We see these scenes like this every day and perhaps take things for granted or we presume or ignore. We miss the obvious.
Recently I was discussing potential ‘data breach hazards’ in the office with a customer. Explaining how something as basic as an office rubbish bin has a big part to play in data protection.Normally when I mention this there is a pause in the conversation, followed by a realisation as to what I am talking about or just silence and a look of confusion.
I explain, for example, when a member of staff writes down details from a phone call, after the required action is taken – the piece of paper ends up in the bin.
After the 25th May 2018, that will be a data breach.
Here are just a few indicators of a potential data breach in an office…
Did you see them, would your staff?
If you are a business owner and you were to call a company meeting with all your staff and ask them, ‘In your job role, what is important about Friday the 25th May?’ how many of them would know what you are talking about?
How many blank faces would there be in the room? You should try it.
Does the scene look familiar to your working environment? Were you able to identify possible risks? If it’s not clear, we need to talk.
Don’t assume everyone in your organisation knows that GDPR is coming into force in just a matter of months. That could be a very expensive assumption.
Any organisation that records information about ‘people’ needs to know about the GDPR. Having that knowledge is a necessity. It is a business owner and leadership’s responsibility to make sure that everyone in their organisation is aware of the new data protection regulations and good data privacy processes.
One of the main issues we have experienced is lack of awareness by staff and stakeholders of what they need to do in being GDPR compliant. It is a risk you need not take.
So, what can you do about it? How can you assure that your organisation is compliant with the new data protection regulations?
You can employ a Data Protection Officer (for companies over 250 employees or that handle specific information, having a DPO is compulsory).
You and your employees can undertake a training program to further your understanding of what you, your organisation and your stakeholders should be doing to prepare to make sure you are compliant with the GDPR.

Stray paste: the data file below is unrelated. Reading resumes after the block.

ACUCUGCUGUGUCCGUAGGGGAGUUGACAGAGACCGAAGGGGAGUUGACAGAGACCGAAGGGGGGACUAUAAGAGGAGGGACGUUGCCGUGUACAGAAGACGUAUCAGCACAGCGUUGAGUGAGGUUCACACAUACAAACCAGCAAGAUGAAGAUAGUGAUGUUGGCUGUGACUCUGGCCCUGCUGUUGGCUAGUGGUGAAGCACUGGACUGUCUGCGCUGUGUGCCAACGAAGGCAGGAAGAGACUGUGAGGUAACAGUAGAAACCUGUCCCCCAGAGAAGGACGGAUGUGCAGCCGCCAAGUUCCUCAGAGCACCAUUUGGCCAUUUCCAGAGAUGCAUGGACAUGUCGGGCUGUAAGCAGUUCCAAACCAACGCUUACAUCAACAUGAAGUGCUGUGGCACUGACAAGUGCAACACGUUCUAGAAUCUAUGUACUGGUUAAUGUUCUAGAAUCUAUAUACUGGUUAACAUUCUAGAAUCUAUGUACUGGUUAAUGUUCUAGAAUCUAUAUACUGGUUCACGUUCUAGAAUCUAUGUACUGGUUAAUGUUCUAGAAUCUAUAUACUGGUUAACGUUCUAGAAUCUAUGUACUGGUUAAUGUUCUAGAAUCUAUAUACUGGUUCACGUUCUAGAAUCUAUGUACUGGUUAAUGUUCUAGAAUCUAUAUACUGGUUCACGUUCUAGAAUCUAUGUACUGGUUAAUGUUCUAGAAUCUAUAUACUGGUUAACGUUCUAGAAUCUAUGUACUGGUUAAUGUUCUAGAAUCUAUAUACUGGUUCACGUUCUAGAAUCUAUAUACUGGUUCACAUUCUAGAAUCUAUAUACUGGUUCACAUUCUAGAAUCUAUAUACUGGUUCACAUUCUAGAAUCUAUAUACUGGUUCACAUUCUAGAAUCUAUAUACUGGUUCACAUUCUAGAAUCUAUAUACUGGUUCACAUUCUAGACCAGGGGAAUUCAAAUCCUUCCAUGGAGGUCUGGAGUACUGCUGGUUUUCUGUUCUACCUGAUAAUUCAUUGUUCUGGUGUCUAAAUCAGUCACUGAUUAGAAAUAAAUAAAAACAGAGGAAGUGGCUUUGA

The issue of compliance with data protection legislation can be daunting and a structured training solution can simplify what you need to know. It really can be made simple.
Seeking professional advice and using a structured training programme can give you total reassurance. You need to make sure you and the leadership understands the following:
- The GDPR and who it will affect
- Why the GDPR is important to you
- Which person is ‘responsible’ for complying to the new regulations
- How long you can keep client information
- If you have to review the new policy
- If you need a Data Protection Officer
- Why you need to record the data you are collecting including for what purpose they intend to use it
- The recording processes of how you work with data and consideration that you have the right consent from each individual
- Securing data, auditing data and privileged access to this data will also become mandatory
- You will need to inform the relevant supervisory authority within 72 hours of your organisation becoming aware of a data breach
- Discuss GDPR and IT
Protecting your customer, client, beneficiaries or employee’s information is crucial to all organisations. Here are some very typical examples of how your staff could cause a data breach without realising:
- Waste paper in the bin with personal details written on it
- Stolen or lost mobile phones with customer or staff related information on
- Stolen or lost laptop with customer or staff related information on
- Documents left on show on desks
- Stolen or lost USB sticks
- Unlocked filing cabinets
- Old data bases (Excel spreadsheets from tradeshows and so on)
- Hard drives
- Employees sharing customer data on their computers
- Diaries thrown away once out of date
- Bags or brief cases containing laptops or phones being lost or stolen
- Phone numbers for cold calling
- Unencrypted USB sticks, external hard drives or mobile devices
- Cloud data stored in insecure applications or cloud services
- Poor password control
- Poor passwords
- And this one may seem obvious, but we see this so often; usernames and passwords stuck on the front of the screen, in your diary, notebook or even stuck to your notice board in your office
We all love people watching. Next time you are in an airport, in a café, on the train or in other public places – look out for the data breach hazards.
With just over 100 days to go, it’s clear to me that inboxes and forums are becoming drowned in the topic of the GDPR. As experts in our field, it’s frustrating to think that the GDPR noise is blocking information that people really need to know. Our experience and wealth of knowledge have gone into our training products – we look at the big picture. Whilst the existing DPA is there to protect us, there are big changes ahead. Training all stakeholders within an organisation is vital because anyone of them could cause a data breach.